As Ruby sets out across a desperate, lawless country to find Liam-and answers about the catastrophe that has ripped both her life and America apart-she is torn between old friends and the promise she made to serve the League. Ruby will do anything to protect the people she loves. But what if winning the war means losing herself?
I’m a big fan of Alex Bracken’s in general and particularly enjoy the gritty, intense Darkest Minds series, so I was excited to pick up book two, Never Fade.
Only…I totally blanked on what happened at the end of The Darkest Minds.
Thankfully, I had a copy on hand and could reread the last few chapters. It helped MAJORLY, so if you have a copy around, I highly recommend doing the same to get back into the zone.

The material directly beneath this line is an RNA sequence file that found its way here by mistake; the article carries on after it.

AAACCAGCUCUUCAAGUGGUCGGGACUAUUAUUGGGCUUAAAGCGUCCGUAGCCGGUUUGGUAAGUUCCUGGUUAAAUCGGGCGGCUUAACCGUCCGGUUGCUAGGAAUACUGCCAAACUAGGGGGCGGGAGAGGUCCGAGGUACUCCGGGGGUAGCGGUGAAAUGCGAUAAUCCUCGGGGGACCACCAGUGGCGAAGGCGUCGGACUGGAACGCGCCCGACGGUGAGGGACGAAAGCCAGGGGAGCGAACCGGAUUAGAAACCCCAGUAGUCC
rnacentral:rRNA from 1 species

Once I got into Never Fade, there were a lot of highs and lows. Lows: My attention lagged in parts; I was ready to read ahead a bit. Highs: When the action came, it was CRAZY. Like, very emotionally charged. I feel so invested in these characters!
Anyway, that’s a typical reaction for me during the second book in a series, so I’m not too concerned. I’m ready for the third and final book!
Have you read this one? What do you think? If you haven’t read it yet, now is your chance. Enter below to win a copy of the book, plus a fun t-shirt!
By A.C. Gaughen
Publication date: Feb. 14, 2012
Walker Childrens, 292 pages
Many readers know the tale of Robin Hood, but they will be swept away by this new version full of action, secrets, and romance.
Posing as one of Robin Hood’s thieves to avoid the wrath of the evil Thief Taker Lord Gisbourne, Scarlet has kept her identity secret from all of Nottinghamshire. Only the Hood and his band know the truth: the agile thief posing as a whip of a boy is actually a fearless young woman with a secret past. Helping the people of Nottingham outwit the corrupt Sheriff of Nottingham could cost Scarlet her life as Gisbourne closes in.